Wednesday, March 26, 2008

How does nanotechnology taste?

If you thought that GM food was a little sinister, then you will be appalled by the implications of an article in the Guardian today. It looked at the science of nanotechnology and how it could revolutionise food.

How do you fancy tucking into a bowl of ice cream that has no more fat than a carrot? Or eating a burger that will lower your cholesterol? If you are allergic to peanuts, perhaps you'd like to fix your food so that any nut traces pass harmlessly through your body. Welcome to the world of nanofoods, where almost anything is possible: where food can be manipulated at an atomic or molecular level to taste as delicious as you want, do you as much good as you want, and stay fresh for ... well, who knows? A world where smart pesticides are harmless until they reach the stomachs of destructive insects; where food manufacturers promise an end to starvation; where smart packaging sniffs out and destroys the micro-organisms that make good food go bad. In short, a food heaven to those who see it spelling the end of obesity and poor diet. Food hell to those who believe the case for nanofood safety is still far from proven. One thing is certain: after the controversy that surrounded genetically modified foods, nano is set to become the next kitchen battleground.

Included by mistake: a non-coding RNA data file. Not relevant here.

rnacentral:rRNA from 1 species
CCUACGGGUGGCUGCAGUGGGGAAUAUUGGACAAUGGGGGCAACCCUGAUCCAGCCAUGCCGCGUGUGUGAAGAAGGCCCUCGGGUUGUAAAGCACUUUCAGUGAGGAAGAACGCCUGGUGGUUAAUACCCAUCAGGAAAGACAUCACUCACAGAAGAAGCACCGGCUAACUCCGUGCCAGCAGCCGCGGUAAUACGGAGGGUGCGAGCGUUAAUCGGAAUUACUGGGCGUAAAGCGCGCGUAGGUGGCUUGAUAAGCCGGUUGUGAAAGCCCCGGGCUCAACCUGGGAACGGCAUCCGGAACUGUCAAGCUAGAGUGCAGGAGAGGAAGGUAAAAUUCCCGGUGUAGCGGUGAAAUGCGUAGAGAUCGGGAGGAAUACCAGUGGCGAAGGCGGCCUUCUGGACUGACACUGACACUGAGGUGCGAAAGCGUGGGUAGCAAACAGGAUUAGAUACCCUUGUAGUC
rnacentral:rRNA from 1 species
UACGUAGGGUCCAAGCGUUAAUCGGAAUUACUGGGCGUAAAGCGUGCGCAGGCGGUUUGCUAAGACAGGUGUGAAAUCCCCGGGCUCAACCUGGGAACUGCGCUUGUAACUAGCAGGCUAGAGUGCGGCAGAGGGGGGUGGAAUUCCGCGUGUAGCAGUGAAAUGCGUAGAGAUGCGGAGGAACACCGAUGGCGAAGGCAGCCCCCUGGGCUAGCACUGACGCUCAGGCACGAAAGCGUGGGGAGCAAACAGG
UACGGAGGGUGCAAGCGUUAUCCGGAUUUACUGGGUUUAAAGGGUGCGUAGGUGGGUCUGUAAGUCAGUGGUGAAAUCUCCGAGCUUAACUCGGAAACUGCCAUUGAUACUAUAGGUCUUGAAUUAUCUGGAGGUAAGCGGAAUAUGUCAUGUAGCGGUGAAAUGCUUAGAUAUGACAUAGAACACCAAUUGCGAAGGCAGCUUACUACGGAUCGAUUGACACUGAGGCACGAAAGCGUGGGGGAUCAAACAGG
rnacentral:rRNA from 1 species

Definitely worth a read.


Anonymous said...

Why appalled?

John Kim

Chris said...

The idea of my statement was that if you didn't trust GM food (unnatural and untested?) then you will be really worried about nano-engineered food...

Muse said...

It makes me think about all the times we say things like, "why can't ice cream be good for us and carrots be the food that makes us fat?!"

Be careful of what you ask for! You just might get it.


Stephan said...

That is really scary. It's amazing how much we'll tinker with things without really understanding how they work.

Scott Kustes said...

And to think that there was once a time when food was just left to be food. When will mankind figure out that we can't best Mother Nature? Every time we try, MN rears back and shows us how simplistic our thinking is. I have little hope for any kind of GM or nano-tech improving our foods. In fact, just letting foods be is the best way to improve them.

Scott Kustes
Modern Forager